A note on "Lf6sung" vs. "Losung": Germans simply do not ever transcribe umlauts by dropping the umlaut marks. The correct transliteration of "e4" is "ae"; that of "f6" is "oe"; that of "fc" is "ue"; and that of "df" is "ss". Umlauts and "df" are ligatures. They are transliterated by breaking them down into their components, not by dropping one of the components. So "Lf6sung" would be written "Loesung". (It would also be "ueber", not "uber". Sorry, pet peeve.) However, in this special case it just so happens that Grimm's Wf6rterbuch denotes "Losung" as an archaic form of "Lf6sung". It probably shouldn't be used this way in a modern text, but could likely be found in texts prior to standardization of the German language.

#10 ::: Andrew Willett ::: (view all by) ::: October 10, 2003, 02:17 PM:

I, too, am dying to know how you've come to this question.

#11 ::: Teresa Nielsen Hayden ::: (view all by) ::: October 10, 2003, 04:35 PM:

Simple. I was looking into the matter of Wolpertingers, which meant that 95% of my source material was in German. I used Google's "translate this page" function for one site, and found myself looking at a reference to hunters on a Wolpertingerjagd finding a Wolpertinger's password in the woods. This was directly adjacent to a drawing of a fewmet. I looked back to the original source, learned the word in question was losung, fed that into a Google image search, and found myself looking at pictures of animal droppings and religious clip art.

I went looking for a better translation, but soon found myself helplessly enmired. When you're looking for fewmets, passwords, and religious texts, and are learning that losung is the stem of the German words for "assignment" and "lottery", you know you're out of your depth.

The only term from this I can unhesitatingly translate is Wolpertingerjagd: snipe hunt. It involves a candle or flashlight, a potato bag, a stick to hold the bag open, and a long nighttime vigil in the forest.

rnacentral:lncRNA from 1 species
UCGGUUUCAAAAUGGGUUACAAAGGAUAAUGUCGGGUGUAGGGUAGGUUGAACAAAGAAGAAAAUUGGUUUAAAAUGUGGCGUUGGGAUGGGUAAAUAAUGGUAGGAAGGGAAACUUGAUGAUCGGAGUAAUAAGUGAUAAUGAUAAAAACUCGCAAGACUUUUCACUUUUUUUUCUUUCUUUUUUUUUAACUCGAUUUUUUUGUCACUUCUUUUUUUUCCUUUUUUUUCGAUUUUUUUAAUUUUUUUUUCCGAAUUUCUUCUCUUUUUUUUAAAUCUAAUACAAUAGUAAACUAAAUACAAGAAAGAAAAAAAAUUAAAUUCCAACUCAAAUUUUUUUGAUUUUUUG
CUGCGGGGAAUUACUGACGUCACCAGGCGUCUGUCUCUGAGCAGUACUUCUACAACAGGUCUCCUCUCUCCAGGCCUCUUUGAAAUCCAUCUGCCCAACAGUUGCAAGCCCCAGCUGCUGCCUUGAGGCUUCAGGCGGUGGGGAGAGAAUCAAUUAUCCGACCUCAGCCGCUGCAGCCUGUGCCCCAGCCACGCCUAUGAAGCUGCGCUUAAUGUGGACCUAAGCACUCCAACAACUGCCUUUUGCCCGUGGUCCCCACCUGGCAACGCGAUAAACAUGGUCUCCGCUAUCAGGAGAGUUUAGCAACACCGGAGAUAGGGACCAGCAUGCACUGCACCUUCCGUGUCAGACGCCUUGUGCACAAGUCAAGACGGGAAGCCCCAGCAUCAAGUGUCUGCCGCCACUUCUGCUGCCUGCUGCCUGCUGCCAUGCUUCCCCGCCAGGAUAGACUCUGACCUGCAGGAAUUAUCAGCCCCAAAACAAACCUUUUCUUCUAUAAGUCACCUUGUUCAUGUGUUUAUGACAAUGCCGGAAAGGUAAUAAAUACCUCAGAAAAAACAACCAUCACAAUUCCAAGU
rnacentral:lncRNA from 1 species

#12 ::: Kellie ::: (view all by) ::: October 10, 2003, 04:57 PM:

Hmmm, my only experience with a snipe hunt did involve flashlights, but it also invovled the rest of my Girl Scout troop getting herded into the forest where one of our troop leaders lay in wait to frighten the bejeesus out of us. It worked.

#13 ::: Zvi ::: (view all by) ::: October 10, 2003, 05:14 PM:

There's a site at They translate 'Losungen' as 'Watchwords'; there's a small essay on how the Moravian Church uses watchwords as a way of reminding yourself of spiritual matters daily, and they offer various pieces of software to download and do so.

When you click on 'Watchword for today', you get 'Losung for '.

So it seems it does have the meaning of 'spiritual text', at least within the context of the Moravian Church.

Click on Herrnhut on the left to get the history of the Moravian Church and Losung.

#14 ::: Andrew Brown ::: (view all by) ::: October 10, 2003, 05:37 PM:

The Moravians are the ones who bury their dead in segregated cemteries: somen on one side, men on the other, to ensure that there'll be no hanky panky when all rise.

#15 ::: Trinker ::: (view all by) ::: October 10, 2003, 08:40 PM:

The Moravians bury Japanese wheat noodles?!

#16 ::: Mr Ripley ::: (view all by) ::: October 10, 2003, 10:41 PM:

. . . and are afraid that resurrected men will use them for indecent purposes?

#17 ::: Robert L ::: (view all by) ::: October 10, 2003, 10:55 PM:

If you're researching the snipe hunt, you might be interested to know that it goes back at least 140 years. I just got through reading a Confederate soldier's memoir, and he describes sending a new recruit on what is very clearly a snipe hunt. He called it something else, hunting for larks or something like that, but it was clearly the same thing and involved leaving the vistim to spend the night alone in the woods with a sack.

#18 ::: Teresa Nielsen Hayden ::: (view all by) ::: October 10, 2003, 11:17 PM:

Women, Trinker. In heaven there are no typos, but here on earth we all make them.